Police: Special Pay Benefits Back, Contract Negotiations Coming Soon

February 25, 2018
Austin Chronicle

"After a confusing bit of parliamentary gymnastics, City Council last week approved a pair of amendments directing the city manager to resume meet-and-confer negotiations with the Austin Police Association, and also restoring most of the special pay provisions officers lost when union membership voted against extending the old contract back in December. Though police interests praised the action, the city's activist community left the meeting on Thursday feeling like Council had forgotten the voices that only two months ago called for a new approach to public safety spending. At the tail-end of talks, Grass­roots Leadership organizer Chris Harris summed up the afternoon: 'We're banging our heads against a wall.'

... Harris was more blunt, asking why Council would restore funding when union membership could've agreed to an extension in Dec­ember. 'Three weeks ago, Bryan Richter, the officer that brutalized Breaion King, was finally fired after another brutal arrest,' he said. 'This is a force that still employs Patrick Spradlin, the officer who made blatantly racist remarks to King in the back of the vehicle. Instead of restoring perks that they walked away from, we ask that you restore the oversight that was also lost when the police left the negotiation table and killed their own contract.'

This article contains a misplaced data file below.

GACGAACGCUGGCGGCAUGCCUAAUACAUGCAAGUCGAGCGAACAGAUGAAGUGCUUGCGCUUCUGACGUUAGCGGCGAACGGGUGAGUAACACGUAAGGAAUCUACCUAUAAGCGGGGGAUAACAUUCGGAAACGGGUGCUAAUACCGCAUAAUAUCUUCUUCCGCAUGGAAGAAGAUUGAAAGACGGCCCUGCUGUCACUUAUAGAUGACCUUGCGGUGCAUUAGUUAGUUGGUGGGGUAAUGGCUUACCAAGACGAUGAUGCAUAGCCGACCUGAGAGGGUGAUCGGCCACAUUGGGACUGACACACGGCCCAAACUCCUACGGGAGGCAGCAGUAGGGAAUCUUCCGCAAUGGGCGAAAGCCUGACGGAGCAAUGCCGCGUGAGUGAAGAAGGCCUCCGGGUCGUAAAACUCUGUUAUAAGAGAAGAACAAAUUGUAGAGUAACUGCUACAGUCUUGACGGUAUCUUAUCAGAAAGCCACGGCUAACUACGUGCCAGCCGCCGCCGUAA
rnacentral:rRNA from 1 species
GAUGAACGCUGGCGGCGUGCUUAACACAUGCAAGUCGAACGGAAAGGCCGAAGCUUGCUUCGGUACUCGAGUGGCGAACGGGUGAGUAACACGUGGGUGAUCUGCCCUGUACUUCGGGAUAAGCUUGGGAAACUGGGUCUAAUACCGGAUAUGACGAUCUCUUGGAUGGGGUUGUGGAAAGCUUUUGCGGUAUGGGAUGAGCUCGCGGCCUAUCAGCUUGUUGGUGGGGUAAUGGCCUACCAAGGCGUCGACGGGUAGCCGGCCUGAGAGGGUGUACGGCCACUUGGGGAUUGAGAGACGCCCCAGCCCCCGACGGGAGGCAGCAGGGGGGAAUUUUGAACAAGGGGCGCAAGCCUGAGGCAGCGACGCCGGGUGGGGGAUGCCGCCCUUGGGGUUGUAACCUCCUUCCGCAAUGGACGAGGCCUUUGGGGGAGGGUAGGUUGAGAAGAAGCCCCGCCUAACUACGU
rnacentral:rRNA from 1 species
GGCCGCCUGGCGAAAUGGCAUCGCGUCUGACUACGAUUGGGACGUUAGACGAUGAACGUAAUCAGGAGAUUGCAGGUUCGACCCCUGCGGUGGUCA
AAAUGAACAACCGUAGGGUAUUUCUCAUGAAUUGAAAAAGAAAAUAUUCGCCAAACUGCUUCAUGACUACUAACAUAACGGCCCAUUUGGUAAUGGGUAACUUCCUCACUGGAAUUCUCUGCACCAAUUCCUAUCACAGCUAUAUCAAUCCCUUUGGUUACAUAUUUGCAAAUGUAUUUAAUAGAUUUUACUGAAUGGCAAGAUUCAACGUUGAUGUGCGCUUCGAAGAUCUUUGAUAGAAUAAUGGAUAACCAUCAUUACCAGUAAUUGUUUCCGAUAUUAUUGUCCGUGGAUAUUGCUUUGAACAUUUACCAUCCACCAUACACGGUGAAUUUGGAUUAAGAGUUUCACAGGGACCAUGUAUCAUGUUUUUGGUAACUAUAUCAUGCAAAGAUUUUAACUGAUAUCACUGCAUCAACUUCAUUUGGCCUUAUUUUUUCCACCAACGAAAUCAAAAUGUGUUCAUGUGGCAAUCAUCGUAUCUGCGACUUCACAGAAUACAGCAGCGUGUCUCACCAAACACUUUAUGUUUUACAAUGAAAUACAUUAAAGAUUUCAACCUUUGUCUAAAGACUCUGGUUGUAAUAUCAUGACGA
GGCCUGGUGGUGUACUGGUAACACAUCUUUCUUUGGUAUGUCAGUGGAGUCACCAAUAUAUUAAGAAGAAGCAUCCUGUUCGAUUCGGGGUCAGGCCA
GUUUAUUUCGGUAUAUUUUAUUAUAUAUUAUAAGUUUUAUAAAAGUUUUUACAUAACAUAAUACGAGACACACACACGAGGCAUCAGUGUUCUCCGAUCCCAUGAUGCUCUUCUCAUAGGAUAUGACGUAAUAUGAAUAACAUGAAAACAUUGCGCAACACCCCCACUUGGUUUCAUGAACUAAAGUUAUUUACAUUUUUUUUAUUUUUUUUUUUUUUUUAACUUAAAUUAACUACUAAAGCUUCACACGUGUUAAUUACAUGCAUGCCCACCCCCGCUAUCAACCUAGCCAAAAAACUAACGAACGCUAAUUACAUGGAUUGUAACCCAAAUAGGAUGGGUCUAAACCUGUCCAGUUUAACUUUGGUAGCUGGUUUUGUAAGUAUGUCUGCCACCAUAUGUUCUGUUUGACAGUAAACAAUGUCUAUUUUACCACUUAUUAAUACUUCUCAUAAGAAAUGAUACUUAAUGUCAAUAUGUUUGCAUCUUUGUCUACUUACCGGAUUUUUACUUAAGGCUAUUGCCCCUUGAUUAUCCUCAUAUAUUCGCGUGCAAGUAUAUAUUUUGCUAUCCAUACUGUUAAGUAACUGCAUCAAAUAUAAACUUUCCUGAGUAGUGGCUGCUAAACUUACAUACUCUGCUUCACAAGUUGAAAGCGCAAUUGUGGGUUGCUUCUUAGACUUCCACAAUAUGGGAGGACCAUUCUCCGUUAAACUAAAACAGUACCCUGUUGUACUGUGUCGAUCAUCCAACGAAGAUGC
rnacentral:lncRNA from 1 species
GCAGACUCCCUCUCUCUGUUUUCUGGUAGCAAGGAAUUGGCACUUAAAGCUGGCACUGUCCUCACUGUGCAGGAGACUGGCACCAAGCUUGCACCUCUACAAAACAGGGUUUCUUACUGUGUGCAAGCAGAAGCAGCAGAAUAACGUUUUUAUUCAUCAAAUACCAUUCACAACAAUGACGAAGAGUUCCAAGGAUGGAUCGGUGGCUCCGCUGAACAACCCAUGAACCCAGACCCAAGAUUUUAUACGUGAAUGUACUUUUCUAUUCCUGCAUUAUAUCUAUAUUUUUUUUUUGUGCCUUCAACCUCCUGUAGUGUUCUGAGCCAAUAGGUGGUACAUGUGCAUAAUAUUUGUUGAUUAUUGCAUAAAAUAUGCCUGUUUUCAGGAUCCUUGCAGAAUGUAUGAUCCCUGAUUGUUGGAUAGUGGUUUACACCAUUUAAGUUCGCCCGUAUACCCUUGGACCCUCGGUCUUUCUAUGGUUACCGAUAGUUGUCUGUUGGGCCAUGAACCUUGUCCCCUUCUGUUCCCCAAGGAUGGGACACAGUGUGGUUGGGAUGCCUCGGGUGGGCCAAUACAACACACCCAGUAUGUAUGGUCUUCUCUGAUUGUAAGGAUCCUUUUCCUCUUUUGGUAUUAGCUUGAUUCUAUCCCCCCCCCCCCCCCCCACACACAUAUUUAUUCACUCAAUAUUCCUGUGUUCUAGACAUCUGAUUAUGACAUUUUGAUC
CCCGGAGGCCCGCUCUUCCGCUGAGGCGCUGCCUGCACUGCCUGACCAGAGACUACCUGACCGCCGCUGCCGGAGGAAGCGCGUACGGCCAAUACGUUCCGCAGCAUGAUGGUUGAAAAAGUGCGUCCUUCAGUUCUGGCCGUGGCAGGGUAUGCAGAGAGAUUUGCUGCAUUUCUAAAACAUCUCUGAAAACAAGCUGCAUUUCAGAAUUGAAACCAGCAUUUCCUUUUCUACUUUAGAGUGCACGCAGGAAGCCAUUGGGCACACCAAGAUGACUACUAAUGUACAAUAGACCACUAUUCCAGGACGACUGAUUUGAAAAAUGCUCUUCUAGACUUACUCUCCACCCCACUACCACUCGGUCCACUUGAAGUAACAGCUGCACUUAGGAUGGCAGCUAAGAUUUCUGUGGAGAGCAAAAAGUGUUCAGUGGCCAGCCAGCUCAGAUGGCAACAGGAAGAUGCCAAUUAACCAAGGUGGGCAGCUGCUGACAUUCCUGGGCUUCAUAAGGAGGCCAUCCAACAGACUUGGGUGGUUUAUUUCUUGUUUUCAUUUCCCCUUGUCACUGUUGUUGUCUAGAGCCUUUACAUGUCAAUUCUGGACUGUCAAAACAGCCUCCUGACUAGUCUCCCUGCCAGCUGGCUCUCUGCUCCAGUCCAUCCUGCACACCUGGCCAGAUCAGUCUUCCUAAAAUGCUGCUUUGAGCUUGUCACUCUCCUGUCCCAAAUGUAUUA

Despite those arguments, council members expressed concern about the impacts on officers and ultimately approved both resolutions. Negotiators will be tasked with increasing field training and longevity in the next round of bargaining. APA President Ken Casaday expressed satisfaction in the results and indicated that the union will be ready to go back to the table as soon as Council gives them a date. As that happens, the activist coalition will continue its work on a plan to overhaul the oversight process with an independent complaint system. 'We'd like to see a chance for something like it to get off the ground and see what it can do,' Harris said. 'And then see how it could be strengthened, potentially, via contract or some other method.'"